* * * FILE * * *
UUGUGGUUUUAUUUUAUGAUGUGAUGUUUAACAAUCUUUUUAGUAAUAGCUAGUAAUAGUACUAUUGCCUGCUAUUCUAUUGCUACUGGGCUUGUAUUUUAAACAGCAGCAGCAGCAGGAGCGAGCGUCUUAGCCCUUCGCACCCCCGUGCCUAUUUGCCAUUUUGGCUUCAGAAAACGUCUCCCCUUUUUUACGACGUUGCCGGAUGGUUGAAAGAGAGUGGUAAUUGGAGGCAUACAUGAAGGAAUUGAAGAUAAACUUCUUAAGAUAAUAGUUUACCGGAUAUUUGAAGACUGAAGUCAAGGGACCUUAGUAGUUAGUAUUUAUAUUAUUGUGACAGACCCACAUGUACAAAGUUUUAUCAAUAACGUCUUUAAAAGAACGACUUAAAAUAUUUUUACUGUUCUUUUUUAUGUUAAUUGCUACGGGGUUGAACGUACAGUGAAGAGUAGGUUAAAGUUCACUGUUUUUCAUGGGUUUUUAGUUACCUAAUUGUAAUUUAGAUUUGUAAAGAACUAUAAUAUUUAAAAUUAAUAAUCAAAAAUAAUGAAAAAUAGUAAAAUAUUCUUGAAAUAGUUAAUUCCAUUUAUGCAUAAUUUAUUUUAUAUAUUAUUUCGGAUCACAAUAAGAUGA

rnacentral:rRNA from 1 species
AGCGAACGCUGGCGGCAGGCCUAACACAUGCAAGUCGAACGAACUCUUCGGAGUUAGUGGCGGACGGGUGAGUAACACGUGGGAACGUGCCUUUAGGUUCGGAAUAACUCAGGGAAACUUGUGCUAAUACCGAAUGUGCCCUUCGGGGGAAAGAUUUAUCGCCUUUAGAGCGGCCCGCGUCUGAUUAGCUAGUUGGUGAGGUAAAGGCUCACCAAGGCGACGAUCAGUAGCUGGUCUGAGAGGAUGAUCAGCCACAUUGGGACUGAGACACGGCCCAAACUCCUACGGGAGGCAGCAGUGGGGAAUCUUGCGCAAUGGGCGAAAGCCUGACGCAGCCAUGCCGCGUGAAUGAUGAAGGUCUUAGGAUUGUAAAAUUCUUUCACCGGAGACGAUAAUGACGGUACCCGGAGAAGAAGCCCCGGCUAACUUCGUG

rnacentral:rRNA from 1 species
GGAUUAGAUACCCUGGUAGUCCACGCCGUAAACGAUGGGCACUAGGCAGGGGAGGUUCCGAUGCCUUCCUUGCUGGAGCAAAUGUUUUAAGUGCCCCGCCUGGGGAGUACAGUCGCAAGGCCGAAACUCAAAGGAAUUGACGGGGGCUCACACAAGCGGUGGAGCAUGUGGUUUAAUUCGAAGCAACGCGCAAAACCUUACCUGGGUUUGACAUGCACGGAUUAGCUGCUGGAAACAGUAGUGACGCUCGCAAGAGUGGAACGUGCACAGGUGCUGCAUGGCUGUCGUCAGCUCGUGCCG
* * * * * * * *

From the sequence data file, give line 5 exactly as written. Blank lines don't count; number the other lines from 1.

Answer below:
GGAUUAGAUACCCUGGUAGUCCACGCCGUAAACGAUGGGCACUAGGCAGGGGAGGUUCCGAUGCCUUCCUUGCUGGAGCAAAUGUUUUAAGUGCCCCGCCUGGGGAGUACAGUCGCAAGGCCGAAACUCAAAGGAAUUGACGGGGGCUCACACAAGCGGUGGAGCAUGUGGUUUAAUUCGAAGCAACGCGCAAAACCUUACCUGGGUUUGACAUGCACGGAUUAGCUGCUGGAAACAGUAGUGACGCUCGCAAGAGUGGAACGUGCACAGGUGCUGCAUGGCUGUCGUCAGCUCGUGCCG